A national historic site, education center and tourist destination, the Buffalo & Erie County Botanical Gardens opened to the public in 1900. Designed by Frederick A. Lord and William Addison Burnham, premier designers of Victorian glass houses, the Gardens serve as the gateway into the Frederick Law Olmsted-designed South Park. The conservatory was part of Olmsted’s original plan for South Park and was designed to offer a collection of exotic plants from around the world. Olmsted intended South Park to function as an arboretum for arboreal plants tolerant of Buffalo’s climate.
The conservatory’s unique tri-domed glass, wood and steel design was based upon the famous Crystal Palace and Royal Botanical Gardens glasshouses at Kew, England. When built (1897-1899), it was the third largest public greenhouse in the United States and ninth largest in the world. The unique tri-domed facility is one of only three remaining Lord & Burnham conservatories in the United States and the only conservatory in the eastern United States incorporated into a park designed by Olmsted.
Today, the Botanical Gardens are undergoing a $20 million restoration and expansion which started in 2001 and is scheduled to be completed by 2012.
This comprehensive expansion and renovation project will meld the Gardens’ rich history and architecture with bold innovative concepts and designs such as the Buffalo Meridian project.
Buffalo is located on the 79th longitude/meridian. The Buffalo Meridian concept will take visitors on a walking tour through the Gardens and around the globe visiting various locales and plant collections found along the Buffalo Meridian. These exhibits will alternate between gallery gardens, and habitat immersion exhibits and address varying climatic conditions: tropical; subtropical; Mediterranean; temperate and desert. They will also include a myriad of plants, animals and human communities that share this longitudinal connection.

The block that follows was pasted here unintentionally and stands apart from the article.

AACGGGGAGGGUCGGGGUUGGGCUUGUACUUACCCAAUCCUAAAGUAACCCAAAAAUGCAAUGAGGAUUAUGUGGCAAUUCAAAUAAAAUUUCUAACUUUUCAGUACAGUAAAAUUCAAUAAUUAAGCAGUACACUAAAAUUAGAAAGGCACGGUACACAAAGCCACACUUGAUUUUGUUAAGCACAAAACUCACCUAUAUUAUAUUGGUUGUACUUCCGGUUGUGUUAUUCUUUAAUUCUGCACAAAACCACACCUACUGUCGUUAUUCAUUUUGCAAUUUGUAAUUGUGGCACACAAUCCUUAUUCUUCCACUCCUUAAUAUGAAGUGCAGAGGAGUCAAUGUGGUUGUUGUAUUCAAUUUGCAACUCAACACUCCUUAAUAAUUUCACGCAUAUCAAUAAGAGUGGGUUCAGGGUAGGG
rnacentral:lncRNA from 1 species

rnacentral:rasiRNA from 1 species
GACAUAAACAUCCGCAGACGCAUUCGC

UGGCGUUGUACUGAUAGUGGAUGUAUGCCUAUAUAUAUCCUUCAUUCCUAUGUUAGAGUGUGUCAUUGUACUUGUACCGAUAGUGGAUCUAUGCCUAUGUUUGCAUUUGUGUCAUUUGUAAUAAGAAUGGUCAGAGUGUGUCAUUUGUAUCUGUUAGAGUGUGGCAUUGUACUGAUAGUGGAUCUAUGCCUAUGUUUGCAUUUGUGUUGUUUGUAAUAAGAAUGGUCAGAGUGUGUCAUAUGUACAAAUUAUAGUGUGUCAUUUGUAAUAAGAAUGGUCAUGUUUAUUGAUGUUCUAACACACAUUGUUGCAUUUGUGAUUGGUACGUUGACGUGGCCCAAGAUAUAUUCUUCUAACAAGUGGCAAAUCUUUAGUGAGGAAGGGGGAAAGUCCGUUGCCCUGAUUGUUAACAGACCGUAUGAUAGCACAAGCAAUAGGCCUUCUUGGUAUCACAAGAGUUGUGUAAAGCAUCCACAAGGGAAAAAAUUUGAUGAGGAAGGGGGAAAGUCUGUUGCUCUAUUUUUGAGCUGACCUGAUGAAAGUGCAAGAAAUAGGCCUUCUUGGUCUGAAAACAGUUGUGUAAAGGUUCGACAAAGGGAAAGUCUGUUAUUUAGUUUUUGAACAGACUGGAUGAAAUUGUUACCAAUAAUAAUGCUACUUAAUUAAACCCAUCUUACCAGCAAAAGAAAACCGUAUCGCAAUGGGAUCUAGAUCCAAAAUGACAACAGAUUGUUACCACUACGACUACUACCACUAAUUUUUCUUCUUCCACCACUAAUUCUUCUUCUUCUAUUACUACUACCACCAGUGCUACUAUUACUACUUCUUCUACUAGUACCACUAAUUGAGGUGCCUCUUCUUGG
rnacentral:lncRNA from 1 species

The 37-acre Front Park was located on a bluff overlooking the Niagara River and Lake Erie. Attracted by the panorama of lake and river, the park drew 5,000 visitors on weekends and more than 1,000 on weekdays when it was first opened in the 1870s. Olmsted wrote that one could observe “a river effect such as can be seen, I believe, nowhere else—a certain quivering of the surface and a rare tone of color, the result of the crowding upward of the lake waters as they enter the deep portal of the Niagara.”²
The park, once considered as a site for the 1901 Pan-American Exposition, was not only designed as a grand setting for public ceremonies but for everyday activities as well. Its features included a carriage concourse, a promenade, the Front House pavilion, bandstand and amphitheater. A ball field, and waterfront playgrounds and boating facilities were added later.
While it is now dwarfed by the I-190 Thruway spur to the west and bisected by the access roads to the Peace Bridge, there are plans to make the park a welcoming international gateway between the U.S and Canada. An unsightly brick park building that obscured the view of the water was demolished two years ago, thus restoring the scenic overlook, and a number of restoration and rehabilitation projects are slated for Front Park in the coming months and years. More than $2 million has been allocated for park improvements, including a substantial pathway restoration project and full reconstruction of the terrace overlook plaza.